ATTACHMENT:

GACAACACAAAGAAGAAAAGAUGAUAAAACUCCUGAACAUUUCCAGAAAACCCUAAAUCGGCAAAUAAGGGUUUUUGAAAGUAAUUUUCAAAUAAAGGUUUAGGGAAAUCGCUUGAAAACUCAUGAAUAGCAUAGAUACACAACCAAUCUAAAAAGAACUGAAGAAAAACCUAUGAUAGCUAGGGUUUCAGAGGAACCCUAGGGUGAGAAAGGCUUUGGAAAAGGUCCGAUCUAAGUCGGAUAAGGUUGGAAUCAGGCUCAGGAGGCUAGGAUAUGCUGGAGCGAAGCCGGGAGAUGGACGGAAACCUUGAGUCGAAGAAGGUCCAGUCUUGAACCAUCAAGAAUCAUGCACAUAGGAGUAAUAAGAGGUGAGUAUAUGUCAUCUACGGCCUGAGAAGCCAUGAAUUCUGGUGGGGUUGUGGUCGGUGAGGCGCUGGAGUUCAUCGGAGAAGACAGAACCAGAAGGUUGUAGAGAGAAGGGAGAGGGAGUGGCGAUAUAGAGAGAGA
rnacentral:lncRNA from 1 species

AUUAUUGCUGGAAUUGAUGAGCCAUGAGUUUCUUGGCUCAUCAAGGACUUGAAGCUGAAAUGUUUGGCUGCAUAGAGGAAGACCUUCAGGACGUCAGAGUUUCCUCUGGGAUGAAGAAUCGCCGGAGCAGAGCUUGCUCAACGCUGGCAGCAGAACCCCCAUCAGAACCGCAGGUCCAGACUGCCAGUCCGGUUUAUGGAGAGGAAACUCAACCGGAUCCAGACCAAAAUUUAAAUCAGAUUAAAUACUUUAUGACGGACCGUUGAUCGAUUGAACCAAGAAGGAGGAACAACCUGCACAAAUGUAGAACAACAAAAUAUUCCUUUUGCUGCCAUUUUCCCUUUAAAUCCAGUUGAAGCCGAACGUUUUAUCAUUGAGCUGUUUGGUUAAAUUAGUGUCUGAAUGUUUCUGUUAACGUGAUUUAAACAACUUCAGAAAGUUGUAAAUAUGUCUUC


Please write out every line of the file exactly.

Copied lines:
GACAACACAAAGAAGAAAAGAUGAUAAAACUCCUGAACAUUUCCAGAAAACCCUAAAUCGGCAAAUAAGGGUUUUUGAAAGUAAUUUUCAAAUAAAGGUUUAGGGAAAUCGCUUGAAAACUCAUGAAUAGCAUAGAUACACAACCAAUCUAAAAAGAACUGAAGAAAAACCUAUGAUAGCUAGGGUUUCAGAGGAACCCUAGGGUGAGAAAGGCUUUGGAAAAGGUCCGAUCUAAGUCGGAUAAGGUUGGAAUCAGGCUCAGGAGGCUAGGAUAUGCUGGAGCGAAGCCGGGAGAUGGACGGAAACCUUGAGUCGAAGAAGGUCCAGUCUUGAACCAUCAAGAAUCAUGCACAUAGGAGUAAUAAGAGGUGAGUAUAUGUCAUCUACGGCCUGAGAAGCCAUGAAUUCUGGUGGGGUUGUGGUCGGUGAGGCGCUGGAGUUCAUCGGAGAAGACAGAACCAGAAGGUUGUAGAGAGAAGGGAGAGGGAGUGGCGAUAUAGAGAGAGA
rnacentral:lncRNA from 1 species

AUUAUUGCUGGAAUUGAUGAGCCAUGAGUUUCUUGGCUCAUCAAGGACUUGAAGCUGAAAUGUUUGGCUGCAUAGAGGAAGACCUUCAGGACGUCAGAGUUUCCUCUGGGAUGAAGAAUCGCCGGAGCAGAGCUUGCUCAACGCUGGCAGCAGAACCCCCAUCAGAACCGCAGGUCCAGACUGCCAGUCCGGUUUAUGGAGAGGAAACUCAACCGGAUCCAGACCAAAAUUUAAAUCAGAUUAAAUACUUUAUGACGGACCGUUGAUCGAUUGAACCAAGAAGGAGGAACAACCUGCACAAAUGUAGAACAACAAAAUAUUCCUUUUGCUGCCAUUUUCCCUUUAAAUCCAGUUGAAGCCGAACGUUUUAUCAUUGAGCUGUUUGGUUAAAUUAGUGUCUGAAUGUUUCUGUUAACGUGAUUUAAACAACUUCAGAAAGUUGUAAAUAUGUCUUC